Indian industry struggles with high cost and low efficiency in every area because of the nature of politics in the country, according to Bhargava. He said that not only the logistics, but India’s competitiveness is lower through entire infrastructure because of government control. The cost of finance is also high in India because of government ownership of banks, which results in high lending rates and loss of competitiveness of Indian industry, he added.

The lack of trust between the people and the industry is a major constraint on policymaking, he said, adding that that when people see promoters and their families using companies for their own benefit instead of benefit of all stakeholders, they suspect politicians who support the private sector.

However, he expressed satisfaction with the government for supporting private industry and talking about building trust. “Big industrialists have to win trust. The government cannot do it for them,” he said.

Business

Blue Dart Med-Exp to test UAS for vax deliveries

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Blue-Dart

Logistics company Blue Dart, part of the Deutsche Post DHL Group (DPDHL), has formed Blue Dart Med-Express Consortium with the mission of revolutionizing the delivery of vaccines and emergency medical supplies to the remotest parts of India with Drones amid the surging second wave.

Blue Dart Med-Express Consortium is part of the ‘Medicine from the Sky’ project in collaboration with the Government of Telangana, World Economic Forum, Niti Aayog and Healthnet Global.

The Ministry of Civil Aviation (MoCA) has granted the project with necessary exemptions and rights to fly drone flights on an experimental basis in Telangana.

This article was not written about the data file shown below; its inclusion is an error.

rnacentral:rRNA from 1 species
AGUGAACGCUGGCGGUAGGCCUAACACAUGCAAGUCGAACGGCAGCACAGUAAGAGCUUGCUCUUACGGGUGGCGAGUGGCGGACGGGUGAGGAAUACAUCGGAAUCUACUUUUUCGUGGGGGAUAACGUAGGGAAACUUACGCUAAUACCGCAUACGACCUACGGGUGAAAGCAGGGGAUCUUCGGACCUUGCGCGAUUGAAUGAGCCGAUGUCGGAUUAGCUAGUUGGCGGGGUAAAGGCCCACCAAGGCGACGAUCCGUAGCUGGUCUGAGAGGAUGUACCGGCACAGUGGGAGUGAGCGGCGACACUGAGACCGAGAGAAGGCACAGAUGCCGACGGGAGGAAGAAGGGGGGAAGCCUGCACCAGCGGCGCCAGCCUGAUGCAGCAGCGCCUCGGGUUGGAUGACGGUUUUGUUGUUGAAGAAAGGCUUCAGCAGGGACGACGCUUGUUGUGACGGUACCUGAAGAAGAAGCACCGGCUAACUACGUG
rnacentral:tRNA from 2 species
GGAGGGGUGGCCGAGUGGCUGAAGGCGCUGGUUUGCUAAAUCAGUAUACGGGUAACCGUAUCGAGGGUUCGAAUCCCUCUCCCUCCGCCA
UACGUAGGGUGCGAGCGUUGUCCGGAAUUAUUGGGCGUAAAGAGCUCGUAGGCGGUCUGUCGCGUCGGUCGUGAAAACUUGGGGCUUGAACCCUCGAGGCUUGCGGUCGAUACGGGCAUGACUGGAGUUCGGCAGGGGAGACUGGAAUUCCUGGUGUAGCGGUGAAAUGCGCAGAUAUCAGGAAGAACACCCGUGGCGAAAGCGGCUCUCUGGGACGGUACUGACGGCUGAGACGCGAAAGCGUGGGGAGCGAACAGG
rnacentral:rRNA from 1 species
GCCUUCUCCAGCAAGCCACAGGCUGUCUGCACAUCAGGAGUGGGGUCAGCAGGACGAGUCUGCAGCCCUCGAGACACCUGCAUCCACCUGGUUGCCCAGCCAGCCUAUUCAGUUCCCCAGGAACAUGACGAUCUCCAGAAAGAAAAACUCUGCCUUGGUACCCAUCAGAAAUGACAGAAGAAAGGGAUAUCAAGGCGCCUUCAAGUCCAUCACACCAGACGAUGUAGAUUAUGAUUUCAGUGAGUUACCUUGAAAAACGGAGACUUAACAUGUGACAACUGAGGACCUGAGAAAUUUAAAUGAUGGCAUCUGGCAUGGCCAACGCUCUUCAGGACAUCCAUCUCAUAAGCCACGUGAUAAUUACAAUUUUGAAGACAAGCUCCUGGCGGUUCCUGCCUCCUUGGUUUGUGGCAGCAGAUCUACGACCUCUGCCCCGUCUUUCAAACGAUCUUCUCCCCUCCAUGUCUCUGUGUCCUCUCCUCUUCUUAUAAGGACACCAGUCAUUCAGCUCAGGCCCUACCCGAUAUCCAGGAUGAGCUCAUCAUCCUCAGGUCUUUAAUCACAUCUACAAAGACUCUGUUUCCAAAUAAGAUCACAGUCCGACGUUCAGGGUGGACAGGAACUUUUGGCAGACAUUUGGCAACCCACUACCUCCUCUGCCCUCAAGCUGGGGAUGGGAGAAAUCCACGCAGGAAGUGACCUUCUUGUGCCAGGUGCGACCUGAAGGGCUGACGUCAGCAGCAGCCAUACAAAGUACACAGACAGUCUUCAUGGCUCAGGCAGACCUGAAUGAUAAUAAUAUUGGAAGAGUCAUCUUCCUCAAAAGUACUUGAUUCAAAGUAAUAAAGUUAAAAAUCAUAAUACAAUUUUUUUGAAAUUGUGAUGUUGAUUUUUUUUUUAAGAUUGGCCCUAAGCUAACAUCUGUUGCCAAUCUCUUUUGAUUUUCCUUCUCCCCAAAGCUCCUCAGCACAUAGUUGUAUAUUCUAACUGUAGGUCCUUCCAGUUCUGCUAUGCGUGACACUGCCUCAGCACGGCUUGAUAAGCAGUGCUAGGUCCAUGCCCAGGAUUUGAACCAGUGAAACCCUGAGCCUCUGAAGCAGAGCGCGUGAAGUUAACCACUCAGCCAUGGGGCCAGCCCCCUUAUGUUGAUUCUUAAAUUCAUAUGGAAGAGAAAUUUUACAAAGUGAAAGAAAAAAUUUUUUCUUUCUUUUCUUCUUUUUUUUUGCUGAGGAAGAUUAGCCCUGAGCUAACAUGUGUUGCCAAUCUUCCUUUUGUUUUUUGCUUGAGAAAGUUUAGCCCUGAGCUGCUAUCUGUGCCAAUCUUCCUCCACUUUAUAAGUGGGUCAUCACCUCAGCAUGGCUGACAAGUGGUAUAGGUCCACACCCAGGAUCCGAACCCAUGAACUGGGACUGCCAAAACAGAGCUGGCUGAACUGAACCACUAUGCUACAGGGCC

The aim is to assess an alternate logistics route in providing safe, accurate and reliable pickup and delivery of health care items from distribution centre to specific location and back.

Blue Dart Med-Express Drone flights will deploy an immersive delivery model to optimize the current healthcare logistics within Telangana. The model will enable deliveries from district medical stores and blood banks to Primary Health Centers (PHCs), Community Health Centres (CHCs), Blood Storage Units & further from PHCs/CHCs to Central Diagnostic laboratories.

Balfour Manuel, Managing Director, Blue Dart said, “It’s been over a year and our battle against COVID-19 continues to unfold new challenges that need solutions in real-time. The pandemic has taught each one of us the importance of logistics and the need for a tech-led supply chain infrastructure. As an organization Blue Dart has always been surrounded with the technology of the future. It is this ability that has helped us to not only withstand the pandemic but thrive with growth. While we reach out to over 35,000 locations across the country, the current situation calls for a much deeper penetration of vaccines.”